name="contact" value="email">
    <label for="contactChoice1">Email</label>
    <input type="radio" id="contactChoice2"
           name="contact" value="phone">
    <label for="contactChoice2">Phone</label>
    <input type="radio" id="contactChoice3"
           name="contact" value="mail">
    <label for="contactChoice3">Mail</label>
  </div>
  <div>
    <button type="submit">Submit</button>
  </div>
</form>
<pre id="log">
</pre>

Then we add some JavaScript to set up an event listener on the submit event, which is sent when the user clicks the "Submit" button:

var form = document.querySelector("form");
var log = document.querySelector("#log");

form.addEventListener("submit", function(event) {
  var data = new FormData(form);
  var output = "";
  for (const entry of data) {
    output = entry[0] + "=" + entry[1] + "\r";
  };
  log.innerText = output;
  event.preventDefault();
}, false);

Try this example out and see how there's never more than one result for the contact group.

Additional attributes

In addition to the common attributes shared by all <input> elements, radioinputs support the following attributes:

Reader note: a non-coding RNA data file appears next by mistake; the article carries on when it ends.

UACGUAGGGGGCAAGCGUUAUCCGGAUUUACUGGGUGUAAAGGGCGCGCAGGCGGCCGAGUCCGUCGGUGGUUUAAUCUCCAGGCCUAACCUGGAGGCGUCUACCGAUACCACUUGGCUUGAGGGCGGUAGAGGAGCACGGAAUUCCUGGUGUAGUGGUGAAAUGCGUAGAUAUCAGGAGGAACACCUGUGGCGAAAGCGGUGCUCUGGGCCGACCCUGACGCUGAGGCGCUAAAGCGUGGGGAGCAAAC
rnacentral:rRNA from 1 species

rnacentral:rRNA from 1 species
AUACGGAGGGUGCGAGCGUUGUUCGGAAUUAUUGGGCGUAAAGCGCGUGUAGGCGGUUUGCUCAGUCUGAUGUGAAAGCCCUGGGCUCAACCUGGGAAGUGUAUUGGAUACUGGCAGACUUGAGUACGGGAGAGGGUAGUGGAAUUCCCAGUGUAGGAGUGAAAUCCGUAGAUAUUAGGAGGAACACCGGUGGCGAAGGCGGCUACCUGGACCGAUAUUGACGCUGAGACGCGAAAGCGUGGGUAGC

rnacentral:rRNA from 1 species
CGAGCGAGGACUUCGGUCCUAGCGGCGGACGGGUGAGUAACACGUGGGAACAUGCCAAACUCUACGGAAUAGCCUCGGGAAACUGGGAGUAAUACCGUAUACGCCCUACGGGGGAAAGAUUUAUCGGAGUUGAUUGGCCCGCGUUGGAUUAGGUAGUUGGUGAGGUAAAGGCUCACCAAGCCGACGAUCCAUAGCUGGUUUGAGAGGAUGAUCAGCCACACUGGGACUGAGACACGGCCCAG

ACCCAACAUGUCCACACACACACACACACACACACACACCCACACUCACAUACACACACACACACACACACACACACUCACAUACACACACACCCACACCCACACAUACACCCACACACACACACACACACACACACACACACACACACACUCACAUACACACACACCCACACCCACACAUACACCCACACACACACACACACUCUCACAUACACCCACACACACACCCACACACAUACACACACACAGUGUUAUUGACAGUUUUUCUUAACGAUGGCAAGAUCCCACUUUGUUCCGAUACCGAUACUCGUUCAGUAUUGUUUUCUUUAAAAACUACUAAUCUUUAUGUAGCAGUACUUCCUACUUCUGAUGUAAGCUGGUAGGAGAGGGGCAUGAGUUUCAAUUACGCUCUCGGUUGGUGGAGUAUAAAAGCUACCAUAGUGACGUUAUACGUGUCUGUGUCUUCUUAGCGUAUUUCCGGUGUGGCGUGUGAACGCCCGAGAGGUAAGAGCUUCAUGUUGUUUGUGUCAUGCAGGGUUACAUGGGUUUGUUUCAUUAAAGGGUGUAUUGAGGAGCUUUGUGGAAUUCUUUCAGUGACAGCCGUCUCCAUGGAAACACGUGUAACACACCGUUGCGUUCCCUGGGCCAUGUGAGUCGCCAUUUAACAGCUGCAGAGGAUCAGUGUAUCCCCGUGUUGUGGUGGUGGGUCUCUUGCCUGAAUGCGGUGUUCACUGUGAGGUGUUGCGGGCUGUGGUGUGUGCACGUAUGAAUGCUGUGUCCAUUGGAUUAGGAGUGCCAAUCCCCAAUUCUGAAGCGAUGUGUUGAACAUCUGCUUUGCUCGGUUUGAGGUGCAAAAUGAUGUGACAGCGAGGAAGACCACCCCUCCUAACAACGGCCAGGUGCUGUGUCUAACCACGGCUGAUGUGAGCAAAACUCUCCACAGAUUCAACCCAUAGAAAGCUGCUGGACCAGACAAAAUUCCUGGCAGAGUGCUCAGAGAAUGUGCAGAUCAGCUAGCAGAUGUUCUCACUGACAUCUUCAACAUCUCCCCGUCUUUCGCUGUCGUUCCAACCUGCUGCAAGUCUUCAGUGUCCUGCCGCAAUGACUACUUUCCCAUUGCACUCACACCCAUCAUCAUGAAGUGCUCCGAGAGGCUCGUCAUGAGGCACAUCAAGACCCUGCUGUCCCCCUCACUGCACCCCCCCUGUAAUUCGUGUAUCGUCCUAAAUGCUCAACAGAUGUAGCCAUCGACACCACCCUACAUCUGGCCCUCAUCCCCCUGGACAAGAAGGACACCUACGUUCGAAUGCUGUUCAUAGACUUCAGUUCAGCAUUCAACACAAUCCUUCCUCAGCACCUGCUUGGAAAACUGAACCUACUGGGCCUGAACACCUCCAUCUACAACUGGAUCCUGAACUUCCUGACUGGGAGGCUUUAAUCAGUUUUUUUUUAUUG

Attribute Description
checked A Boolean indicating whether or not this radio button is the currently-selected item in the group

checked

A Boolean attribute which, if present, indicates that this radio button is the currently selected one in the group.

Unlike other browsers, Firefox by default persists the dynamic checked state of an <input>across page loads. Use the autocomplete attribute to control this feature.

Using radio inputs

We already covered the fundamentals of radio buttons above. Let's now look at the other common radio-button-related features and techniques you may need to know about.

Selecting a radio button by default

To make a radio button selected by default, you simply include checked attribute, as shown in this revised version of the previous example:

<form>
  <p>Please select your preferred contact method:</p>
  <div>
    <input type="radio" id="contactChoice1"
     name="contact" value="email" checked>
    <label for="contactChoice1">Email</label>

    <input type="radio" id="contactChoice2"
     name="contact" value="phone">
    <label for="contactChoice2">Phone</label>

    <input type="radio" id="contactChoice3"
     name="contact" value="mail">
    <label for="contactChoice3">Mail</label>
  </div>
  <div>
    <button type="submit">Submit</button>